A lengthy investigation into the European Union’s use of Microsoft 365 has found the Commission breached the bloc’s data protection rules through its use of the cloud-based productivity software.

Announcing its decision in a press release today, the European Data Protection Supervisor (EDPS) said the Commission infringed “several key data protection rules when using Microsoft 365”.

“The Commission did not sufficiently specify what types of personal data are to be collected and for which explicit and specified purposes when using Microsoft 365,” the data supervisor, Wojciech Wiewiórowski, wrote, adding: “The Commission’s infringements as data controller also relate to data processing, including transfers of personal data, carried out on its behalf.”

The EDPS has imposed corrective measures requiring the Commission to address the compliance problems it has identified by December 9 2024, assuming it continues to use Microsoft’s cloud suite.

Microsoft and the Commission were contacted for a response to the EDPS’ findings. But at the time of writing neither had responded.

The regulator, which oversees’ EU institutions’ compliance with data protection rules, opened a probe of the Commission’s use of Microsoft 365 and other US cloud services back in May 2021.

At issue is how Microsoft processes the data of users of its cloud service. EU regulators have been flagging concerns about this for years, including in relation to the legal basis Microsoft claims for processing data; a lack of clarity and precision in the wording of its contracts for the product; and no technical safeguards being applied to ensure data is only being used for providing and maintaining the service.

When the EDPS opened the investigation there was also no data transfer agreement in place between the bloc and the US, following the striking down of the EU-US Privacy Shield in July 2020.

A new transatlantic data transfer agreement was subsequently agreed and adopted, thee years later (July 2023). But for much of the period the EDPS was investigating the Commission’s use of Microsoft 365 there was no deal in place covering data transfers from the EU to the US. Yet use of Microsoft 365 routinely results in data flowing back to Microsoft’s servers in the US.

On data transfers, the EDPS found the Commission failed to ensure adequate safeguards were applied to these data exports to ensure essentially equivalent protections for data were in place once it left the bloc.

The data supervisor has ordered the Commission to suspend all data flows resulting from its use of Microsoft 365 to Microsoft and its affiliates and sub-processors located in countries outside the EU/EEA not covered by an EU adequacy decision on data transfers — again, with a deadline of December 9 for this.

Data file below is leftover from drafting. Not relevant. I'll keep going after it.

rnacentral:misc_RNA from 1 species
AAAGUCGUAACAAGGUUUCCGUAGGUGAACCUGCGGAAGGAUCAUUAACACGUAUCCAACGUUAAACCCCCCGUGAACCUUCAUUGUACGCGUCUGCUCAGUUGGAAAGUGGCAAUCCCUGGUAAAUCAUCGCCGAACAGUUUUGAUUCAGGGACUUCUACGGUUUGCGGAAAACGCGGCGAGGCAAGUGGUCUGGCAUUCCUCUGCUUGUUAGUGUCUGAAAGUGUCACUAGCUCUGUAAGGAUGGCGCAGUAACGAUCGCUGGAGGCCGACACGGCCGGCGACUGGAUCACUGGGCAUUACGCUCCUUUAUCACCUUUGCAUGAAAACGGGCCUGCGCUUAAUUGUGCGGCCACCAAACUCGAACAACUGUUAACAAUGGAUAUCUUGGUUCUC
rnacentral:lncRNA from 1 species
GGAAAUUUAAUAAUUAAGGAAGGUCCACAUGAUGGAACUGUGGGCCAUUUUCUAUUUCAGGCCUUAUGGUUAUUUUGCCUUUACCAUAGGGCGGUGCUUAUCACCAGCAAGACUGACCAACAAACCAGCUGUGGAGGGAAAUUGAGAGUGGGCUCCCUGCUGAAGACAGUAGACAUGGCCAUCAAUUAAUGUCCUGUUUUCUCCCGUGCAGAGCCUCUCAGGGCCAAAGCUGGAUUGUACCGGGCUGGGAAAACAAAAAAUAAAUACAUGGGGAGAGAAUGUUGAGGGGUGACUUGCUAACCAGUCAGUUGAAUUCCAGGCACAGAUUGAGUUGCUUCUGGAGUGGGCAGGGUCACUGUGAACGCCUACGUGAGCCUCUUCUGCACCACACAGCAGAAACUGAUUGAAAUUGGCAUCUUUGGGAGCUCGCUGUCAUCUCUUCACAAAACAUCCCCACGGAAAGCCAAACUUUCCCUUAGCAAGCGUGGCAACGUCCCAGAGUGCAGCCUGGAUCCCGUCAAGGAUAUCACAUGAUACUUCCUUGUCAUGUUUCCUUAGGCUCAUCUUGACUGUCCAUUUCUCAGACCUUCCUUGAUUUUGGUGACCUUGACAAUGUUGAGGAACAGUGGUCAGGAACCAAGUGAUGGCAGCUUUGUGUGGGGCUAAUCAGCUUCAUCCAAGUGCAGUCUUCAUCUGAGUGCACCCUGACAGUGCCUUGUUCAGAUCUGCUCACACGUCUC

It has also been ordered to carry out a data transfer-mapping exercise — identifying “what personal data are transferred to which recipients in which third countries, for which purposes and subject to which safeguards, including an onward transfers”. It must also ensure all transfers to non-EU countries without an adequacy decision take place “solely to allow tasks within the competence of the controller to be carried out”.

More broadly, the EDPS’ corrective measures require the Commission to fix its contracts with Microsoft — to ensure they contain the necessary contractual provisions, organizational measures and/or technical measures to ensure personal data is only collected for explicit and specified purposes; and “sufficiently determined” in relation to the purposes for which they are processed.

Data must also only be processed by Microsoft or its affiliates or sub-processors “on the Commission’s documented instructions”, per the order — unless it takes place within the region and processing is for a purpose that complies with EU or Member State law; or, if outside the region to be processed for another purpose under third-country law there must be essentially equivalent protection applied.

The contracts must also ensure there is no further processing of data — i.e. uses beyond the original purpose for which data is collected.

The EDPS found the Commission infringed the “purpose limitation” principle of applicable data protection rules by failing to sufficiently determine the types of personal data collected under the licensing agreement it concluded with Microsoft Ireland, meaning it was unable to ensure these were specific and explicit.

The EU also failed to provide sufficiently clear documented instructions to Microsoft regarding the processing; failed to ensure its processing was limited by instruction; and failed to assess the compliance of Microsoft’s further processing with the purpose initially stated for the collection, among other violations of the rules the EDPS identified.

Commenting in a statement, Wiewiórowski wrote:

It is the responsibility of the EU institutions, bodies, offices and agencies (EUIs) to ensure that any processing of personal data outside and inside the EU/EEA, including in the context of cloud-based services, is accompanied by robust data protection safeguards and measures. This is imperative to ensure that individuals’ information is protected, as required by Regulation (EU) 2018/1725, whenever their data is processed by, or on behalf of, an EUI.

Over the last few years, Microsoft has responded to amped up EU regulatory risk attached to data transfers by expanding a data localization effort focused on regional cloud customers — in an infrastructure it’s branded the “EU Data Boundary for the Microsoft Cloud”. However the technical infrastructure is still in the process of being rolled out. It also remains porous by design, with some data set to remaining accessible outside the EU even when the rollout is slated to be completed at the end of this year, per Microsoft.

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